The outstanding health benefits of parsley
have long been known by our ancestors.
But nowadays, it only gets tossed
aside when served as culinary garnish.
Parsley comes from the Umbelliferaefamily that includes carrots, celery, dill, fennel, cumin, coriander, parsnip, etc. It is a herb, not a vegetable.
The two popular types of parsley are the curly parsley which has bright green curly leaves; and the Italian flat-leaf parsley which has a darker shade of green with smooth flat leaves. The latter has a more fragrant and less bitter taste compared to the curly variety.
It is a highly nutritious culinary herb that is most “overlooked”. It can be found as garnish in many dishes in Western countries but is usually tossed aside and never eaten!
Parsley provides nature’s best carotenoids and is a nutrition powerhouse of a few known anti-cancer and anti-inflammatory phytonutrients and flavonoids (lutein, zeaxanthin, apiole, rutin and apigenin).
This tiny-leaf plant is rich with chlorophyll, vitamin A, B, C, and K, folate and iron. It has high beneficial mineral contents like calcium, magnesium, manganese, phosphorus, potassium, sodium, vanadium, and zinc.
Read more about chlorophyll and the amazing similarity between the molecule structures of both chlorophyll and the human blood (hemoglobin).
Nibbling on a sprig or two parsley would not give you any real improvement in your health. The best way to enjoy all the health benefits of this wonder herb is by taking its juice. One or two ounces a day regularly would do wonders, but don’t overdo!
Anemia: The high chlorophyll content from parsley is an excellent blood purifier and builder. The vitamin C and iron content makes iron absorption more effective. Regularly drinking parsley juice (extracted using a gear juicer) helps bring up the hemoglobin count.
Atherosclerosis: Consume parsley regularly for its vitamin C to prevent hardening of the arteries. It also helps to dissolve the sticky substances and maintain the elasticity of the blood vessels.
Arthritis: The rich vitamin C from parley helps protect against inflammatory problems like osteoarthritis and rheumatoid arthritis.
Bad breath (halitosis): Bad breath is usually a sign of a toxic colon. If the condition is not yet too far advanced, the purifying and cleansing effect of parsley juice makes a good remedy to clean up the toxic environment.
Bladder/kidney/urinary tract problems: Two healing compounds in parsley, myristicin and apiole, help increase urine flow that removes infection-causing bacteria from the urinary tract. At the same time, it also detoxify the toxins from the body through urination. The diuretic effect helps prevent kidney stones and various urinary tract problems.
Bloatedness, water retention: Nibbling/chewing on parsley in the days before menstruation can help increase urination and eliminating excess fluid that cause bloatedness or water retention.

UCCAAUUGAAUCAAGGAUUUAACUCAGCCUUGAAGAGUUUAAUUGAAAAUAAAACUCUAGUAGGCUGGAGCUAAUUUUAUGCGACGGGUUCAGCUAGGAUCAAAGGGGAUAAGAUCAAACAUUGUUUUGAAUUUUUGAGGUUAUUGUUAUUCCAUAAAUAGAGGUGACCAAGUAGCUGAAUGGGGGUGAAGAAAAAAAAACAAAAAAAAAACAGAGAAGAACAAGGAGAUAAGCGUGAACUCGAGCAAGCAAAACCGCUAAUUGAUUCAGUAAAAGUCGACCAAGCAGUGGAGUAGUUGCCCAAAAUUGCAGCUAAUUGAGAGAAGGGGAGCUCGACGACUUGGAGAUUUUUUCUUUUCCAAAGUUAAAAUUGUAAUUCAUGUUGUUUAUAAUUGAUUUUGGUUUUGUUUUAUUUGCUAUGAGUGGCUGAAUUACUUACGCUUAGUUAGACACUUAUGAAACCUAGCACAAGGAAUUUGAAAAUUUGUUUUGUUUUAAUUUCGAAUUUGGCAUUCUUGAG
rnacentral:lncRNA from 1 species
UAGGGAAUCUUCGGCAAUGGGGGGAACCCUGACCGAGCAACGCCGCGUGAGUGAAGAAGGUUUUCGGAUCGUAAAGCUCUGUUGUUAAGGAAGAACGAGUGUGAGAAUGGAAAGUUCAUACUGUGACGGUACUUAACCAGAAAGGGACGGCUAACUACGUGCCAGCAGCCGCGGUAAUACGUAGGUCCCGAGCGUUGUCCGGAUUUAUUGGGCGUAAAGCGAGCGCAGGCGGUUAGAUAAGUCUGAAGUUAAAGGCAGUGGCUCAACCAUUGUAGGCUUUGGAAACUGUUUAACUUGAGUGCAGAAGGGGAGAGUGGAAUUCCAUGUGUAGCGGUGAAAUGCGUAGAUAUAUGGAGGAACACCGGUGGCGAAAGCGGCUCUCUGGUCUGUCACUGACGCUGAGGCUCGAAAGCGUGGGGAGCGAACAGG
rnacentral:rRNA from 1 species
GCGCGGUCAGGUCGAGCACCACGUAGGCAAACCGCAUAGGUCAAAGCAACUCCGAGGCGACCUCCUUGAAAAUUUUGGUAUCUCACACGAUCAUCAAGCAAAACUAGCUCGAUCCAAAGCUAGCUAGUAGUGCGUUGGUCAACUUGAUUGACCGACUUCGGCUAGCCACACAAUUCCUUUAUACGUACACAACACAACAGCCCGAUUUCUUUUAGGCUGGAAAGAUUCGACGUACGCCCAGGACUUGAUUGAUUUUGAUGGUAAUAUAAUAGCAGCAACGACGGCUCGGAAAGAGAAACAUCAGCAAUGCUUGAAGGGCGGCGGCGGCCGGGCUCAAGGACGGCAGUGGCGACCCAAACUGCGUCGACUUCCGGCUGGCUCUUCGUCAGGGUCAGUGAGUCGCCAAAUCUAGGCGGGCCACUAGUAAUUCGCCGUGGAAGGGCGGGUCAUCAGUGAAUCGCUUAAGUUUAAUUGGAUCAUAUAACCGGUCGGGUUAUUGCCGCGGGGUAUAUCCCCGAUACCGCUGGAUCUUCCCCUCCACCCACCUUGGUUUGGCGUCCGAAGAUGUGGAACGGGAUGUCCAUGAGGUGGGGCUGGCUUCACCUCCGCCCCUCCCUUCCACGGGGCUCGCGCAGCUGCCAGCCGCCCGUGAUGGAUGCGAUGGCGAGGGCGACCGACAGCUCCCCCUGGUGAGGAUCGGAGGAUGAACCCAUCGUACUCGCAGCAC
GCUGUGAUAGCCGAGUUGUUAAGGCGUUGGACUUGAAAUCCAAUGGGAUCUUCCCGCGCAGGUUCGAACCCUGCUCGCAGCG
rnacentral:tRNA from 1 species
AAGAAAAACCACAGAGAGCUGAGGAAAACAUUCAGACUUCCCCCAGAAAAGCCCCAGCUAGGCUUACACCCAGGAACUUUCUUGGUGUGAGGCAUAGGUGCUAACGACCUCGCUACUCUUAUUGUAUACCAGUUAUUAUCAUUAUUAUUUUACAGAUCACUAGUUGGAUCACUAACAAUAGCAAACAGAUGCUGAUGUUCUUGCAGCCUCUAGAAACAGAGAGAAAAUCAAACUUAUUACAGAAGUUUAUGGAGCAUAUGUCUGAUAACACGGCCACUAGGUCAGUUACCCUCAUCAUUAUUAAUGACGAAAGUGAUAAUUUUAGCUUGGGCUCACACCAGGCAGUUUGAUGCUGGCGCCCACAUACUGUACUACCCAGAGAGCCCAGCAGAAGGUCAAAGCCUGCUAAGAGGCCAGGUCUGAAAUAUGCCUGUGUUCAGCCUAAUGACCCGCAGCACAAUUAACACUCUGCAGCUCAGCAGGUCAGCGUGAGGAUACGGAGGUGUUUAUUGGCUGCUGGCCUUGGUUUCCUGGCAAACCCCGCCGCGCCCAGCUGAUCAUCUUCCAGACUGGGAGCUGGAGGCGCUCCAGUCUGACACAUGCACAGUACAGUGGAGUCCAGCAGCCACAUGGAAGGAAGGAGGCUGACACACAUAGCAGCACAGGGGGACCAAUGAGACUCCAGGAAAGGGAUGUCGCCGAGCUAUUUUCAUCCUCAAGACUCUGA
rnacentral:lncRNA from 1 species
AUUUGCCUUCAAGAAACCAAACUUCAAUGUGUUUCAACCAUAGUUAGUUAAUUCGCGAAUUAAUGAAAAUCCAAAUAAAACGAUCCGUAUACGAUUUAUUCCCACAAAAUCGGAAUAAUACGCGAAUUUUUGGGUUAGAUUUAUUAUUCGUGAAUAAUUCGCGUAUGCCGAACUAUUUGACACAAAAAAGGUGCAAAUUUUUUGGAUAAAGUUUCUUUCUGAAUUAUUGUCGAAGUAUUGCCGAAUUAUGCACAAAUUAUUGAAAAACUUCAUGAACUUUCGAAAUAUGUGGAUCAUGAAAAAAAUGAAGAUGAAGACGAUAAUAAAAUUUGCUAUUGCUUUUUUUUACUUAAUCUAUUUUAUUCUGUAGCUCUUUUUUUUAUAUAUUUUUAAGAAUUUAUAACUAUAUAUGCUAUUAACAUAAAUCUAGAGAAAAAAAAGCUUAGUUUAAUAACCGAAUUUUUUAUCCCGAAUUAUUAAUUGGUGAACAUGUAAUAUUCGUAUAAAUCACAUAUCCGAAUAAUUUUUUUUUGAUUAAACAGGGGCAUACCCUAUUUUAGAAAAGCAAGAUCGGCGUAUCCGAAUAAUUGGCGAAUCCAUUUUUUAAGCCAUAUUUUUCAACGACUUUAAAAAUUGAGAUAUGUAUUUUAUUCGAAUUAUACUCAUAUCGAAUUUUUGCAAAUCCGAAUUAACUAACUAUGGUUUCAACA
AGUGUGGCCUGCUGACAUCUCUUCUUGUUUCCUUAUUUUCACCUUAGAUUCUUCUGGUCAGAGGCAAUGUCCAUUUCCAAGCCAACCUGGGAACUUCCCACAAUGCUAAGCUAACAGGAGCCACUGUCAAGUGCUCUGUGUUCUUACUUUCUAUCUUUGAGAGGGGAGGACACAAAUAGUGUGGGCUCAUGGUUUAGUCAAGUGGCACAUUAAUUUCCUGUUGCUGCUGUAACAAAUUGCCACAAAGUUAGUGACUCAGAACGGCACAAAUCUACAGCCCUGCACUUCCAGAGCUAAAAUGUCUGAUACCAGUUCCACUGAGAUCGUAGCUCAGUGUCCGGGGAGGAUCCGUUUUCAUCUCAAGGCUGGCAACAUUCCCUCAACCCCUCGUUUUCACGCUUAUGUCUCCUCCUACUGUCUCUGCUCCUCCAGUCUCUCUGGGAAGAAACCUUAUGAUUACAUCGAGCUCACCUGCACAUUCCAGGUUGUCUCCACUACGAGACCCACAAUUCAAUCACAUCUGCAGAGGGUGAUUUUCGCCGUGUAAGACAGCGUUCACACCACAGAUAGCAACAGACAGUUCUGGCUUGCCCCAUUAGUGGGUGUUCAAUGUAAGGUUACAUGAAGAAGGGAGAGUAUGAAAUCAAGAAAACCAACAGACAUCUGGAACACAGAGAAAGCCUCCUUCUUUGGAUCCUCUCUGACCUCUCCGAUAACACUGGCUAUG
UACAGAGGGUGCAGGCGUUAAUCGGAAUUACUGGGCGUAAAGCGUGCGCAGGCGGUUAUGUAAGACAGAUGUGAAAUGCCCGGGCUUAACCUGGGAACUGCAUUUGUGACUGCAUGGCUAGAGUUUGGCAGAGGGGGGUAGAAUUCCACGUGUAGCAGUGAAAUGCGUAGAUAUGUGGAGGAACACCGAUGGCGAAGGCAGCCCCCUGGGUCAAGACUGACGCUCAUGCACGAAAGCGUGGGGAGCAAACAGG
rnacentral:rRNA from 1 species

Cancer: Its high concentration of anti-oxidants such as monoterpenes, phthalides, polyacetylenes, help neutralize carcinogens (cancer-causing agents) like tobacco smoke. Also good remedy for lung infection or asthma.
Free radicals: Free radicals (cancer-causing compounds) are abundance in deep fried foods. Ingesting parsley will reduce the free radical damage done to our body cells as the anti-oxidants neutralize the free radicals.
Hair growth: Liquefy a big bunch of parsley into two tablespoonful of puree. Apply on wet scalp, put on the shower cap and let it sit for about an hour. Rinse and shampoo. Taking the juice at the same time, may also help the growth of long and healthy hair.
Heart health: Folate in parsley is a superb nutrient for cardiovascular health. Specifically, it helps protect blood vessels and reduces the risks of heart attack, by converting potentially dangerous homocysteine into harmless molecules.
Immunity booster: The high vitamin C content (higher than oranges) and the multi immune-enhancing compounds in parsley make it an extraordinary immunity booster.
Menstruation disorders: The presence of apiole oil in parsley, which is a constituent of female sex hormones estrogen, makes it effective in regulating monthly periods.
Flavoring: When cooking pasta, instead of adding salt to the boiling water, flavor the water with chopped parsley. The phytonutrients released into the boiling water also get absorbed into your pasta. Definitely a better choice over salt!
Vision health: The high carotenoids (precursor of A vitamin) in parsley makes it a particularly healing food for vision health. Add a big bunch of parsley as a juice ingredient daily to see the results.
Wound healing: The excellent source of histidine in parsley is the essential amino acid necessary for growth and repair of tissues. Parsley juice would do well for people healing from a wound or after a surgery.
The curly parsley is more prone to collecting dust and dirt. Soak it in a basin of water with a capful of apple cider vinegar and a pinch of salt for about 10 mins. Rinse well.
Although parsley is an outstanding healing food, it is not enough to just nibble on one or two sprigs. Take it in juice form. A good gear juicer is needed to extract fresh parsley juice.
The French and Greek know the benefits of parsley and garlic. When eaten together they provide a synergistic boost to the immune system, aid digestion, natural antibiotic / antiviral / antifungal.
Here’s my favorite recipe for garlic-parsley salad dressing:
|Garlic-Parsley salad dressing
Stir all the ingredients in a big bowl and make into a paste.
Parsley juice is very potent so it is not to be taken by itself, and no more than 1 oz every day. Take extra caution when taking this juice especially if you have never done detox. Pregnant women should avoid taking this very potent juice.
Parsley may be high in oxalic acid, so must not be consumed by individuals who have kidney stones. Avoid mixing with other high calcium food as oxalic acid when combined with calcium becomes inorganic.